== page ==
1. Fayvl Gavron, the rabbi;
  2. Shmuel-Binyomin Rakhmel, a retail merchant;
  3. Simkhe Nokhomovitz, a merchant;
  4. Shiye Yung, a farmer;
  5. Naftoli Gurvitsh, a dealer in textiles;
  6. Moyshe Marik, a retail merchant;
  7. Yank Hamelan, a butcher;
  8. Binyomin Yavnelovitz, a peddler;
  9. Moyshe Aron, a forest dealer;
  10. Yoysef Marik;
  11. Ore Zalmenovitz, a tailor;
  12. Yosl Azarner, a cattle dealer;
  13. Yosl Rapoport, a yeshiva student;
  14. Avrom Bloch, a cattle dealer;
  15. Azriel Balkin, a storekeeper;

16, Shaye-Leyb Leybovitz, owner of a shoe store.

There may have been a few others who were shot that bloody Saturday, in addition to the men from Verszan and Kveidan listed above. Those who provided this collective eyewitness testimony provided no other names. Exactly one week after the holidays in 1941, the camp at the Heidekrug city council was liquidated. Some of the men were brought to the Versmininken camp, and the rest were brought to other camps.

  1. The Central Heidekrug Work Camp

This consisted of a large square, surrounded by barbed wire and gates granting entry to the camp. There was a long wooden barrack in the square. The camp was set up not far from the town of Heidekrug in the suburb of Rabenwald. French prisoners of war had been held in this camp as well, before the Jews were brought there.

On the evening of Sunday, June 29, 1941, a large number of the men from Kveidan were brought to this camp, together with men from Shvekshne and other towns.

The First “Reception”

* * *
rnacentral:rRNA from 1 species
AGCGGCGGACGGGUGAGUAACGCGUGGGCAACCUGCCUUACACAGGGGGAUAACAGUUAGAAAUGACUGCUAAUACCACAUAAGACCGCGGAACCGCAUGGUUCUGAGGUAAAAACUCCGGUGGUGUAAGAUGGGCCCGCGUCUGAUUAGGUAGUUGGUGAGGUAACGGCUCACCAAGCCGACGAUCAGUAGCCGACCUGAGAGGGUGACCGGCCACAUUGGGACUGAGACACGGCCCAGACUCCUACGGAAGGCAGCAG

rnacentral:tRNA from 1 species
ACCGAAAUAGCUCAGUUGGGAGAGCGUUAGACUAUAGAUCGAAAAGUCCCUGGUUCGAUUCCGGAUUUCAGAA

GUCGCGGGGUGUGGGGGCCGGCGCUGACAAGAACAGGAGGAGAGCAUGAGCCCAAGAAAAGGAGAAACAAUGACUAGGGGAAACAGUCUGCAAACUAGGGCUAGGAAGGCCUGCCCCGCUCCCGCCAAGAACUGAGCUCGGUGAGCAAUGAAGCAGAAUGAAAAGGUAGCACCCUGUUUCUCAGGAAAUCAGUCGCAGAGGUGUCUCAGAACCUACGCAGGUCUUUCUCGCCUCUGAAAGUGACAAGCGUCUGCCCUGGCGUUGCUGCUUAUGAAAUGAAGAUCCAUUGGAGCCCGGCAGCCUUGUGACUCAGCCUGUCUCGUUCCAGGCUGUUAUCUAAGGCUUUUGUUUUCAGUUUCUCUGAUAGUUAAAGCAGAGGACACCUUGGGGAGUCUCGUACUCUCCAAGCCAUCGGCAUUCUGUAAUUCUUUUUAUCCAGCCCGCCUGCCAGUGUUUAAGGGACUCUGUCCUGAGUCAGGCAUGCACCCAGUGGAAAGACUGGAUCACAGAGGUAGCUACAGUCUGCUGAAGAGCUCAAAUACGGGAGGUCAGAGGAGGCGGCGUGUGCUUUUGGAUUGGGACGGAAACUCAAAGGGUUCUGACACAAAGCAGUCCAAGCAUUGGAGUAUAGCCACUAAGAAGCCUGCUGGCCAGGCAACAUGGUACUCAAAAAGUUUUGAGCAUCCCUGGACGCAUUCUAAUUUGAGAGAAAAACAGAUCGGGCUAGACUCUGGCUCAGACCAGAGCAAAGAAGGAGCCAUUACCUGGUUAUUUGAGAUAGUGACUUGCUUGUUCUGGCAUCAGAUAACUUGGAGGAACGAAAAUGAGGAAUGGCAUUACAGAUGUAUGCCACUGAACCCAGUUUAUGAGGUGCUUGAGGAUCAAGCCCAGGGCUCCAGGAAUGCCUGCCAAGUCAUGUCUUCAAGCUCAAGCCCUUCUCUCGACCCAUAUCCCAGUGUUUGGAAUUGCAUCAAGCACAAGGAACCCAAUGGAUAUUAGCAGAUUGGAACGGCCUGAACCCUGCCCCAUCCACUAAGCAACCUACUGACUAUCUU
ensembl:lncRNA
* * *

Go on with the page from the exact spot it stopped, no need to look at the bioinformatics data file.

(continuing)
The men from Kveidan were brought in cars to the site of the camp. SS men stood at a narrow door of the barrack, “having fun” with the arriving Jews, preparing to “welcome” them.

The Jews went into the barrack one by one, and were brutally beaten with pistol butts and items of iron. When they went into the barrack, many of them wiped blood from their faces. Many of them had swollen faces and welts under their eyes. The Jews slept that night on cots covered by sacks of straw.

Not only the SS men “welcomed” the Jews. The thousands of bedbugs and fleas in the beds greeted the Jews in their way as well. All night long it was impossible to sleep.

On Monday, June 30, 1941 in the morning, Dr Schau’s adjutant Dembrovski came into the camp. The Jews were lined up in rows in the square, and Dembrovski lectured them. He suggested that the Jews “be careful” and strive to work well. He listed the various good meals the Jews would receive for working well, and the various ways they would be killed if they tried to escape or didn’t work well. He also recited an entire catechism of orders and rules which the Jews had to observe precisely.

Seventy-odd Jews were brought to the central camp altogether.

At Work

The major task the Jews in the camp had to carry out consisted of deepening and widening a canal near Rabenwald. On the banks of the canal there was a narrow-gauge railroad with lorries. Some of the Jews stood in the water up to their waists, digging out the banks of the canal and shoveling the sand onto the lorries all along the canal. The Jews had to toss the sand high above them, and the work was very hard. A second group took away the sand which had been loaded up into the lorries and dumped it into a swamp. This group had an easier task than the first. A group of older men worked in a second spot at various lighter tasks.

Other Jews reinforced the banks of the canal with fascines, poured soil onto it and put down grass roots. The foremen beat and tormented the Jews here just as they did at other camps. They were never satisfied.

Some of the Jews had clothes they’d brought from home, which they’d give to the foremen for a little food. The foremen took the clothes but instead of bread or other foods, they handed the Jews blows.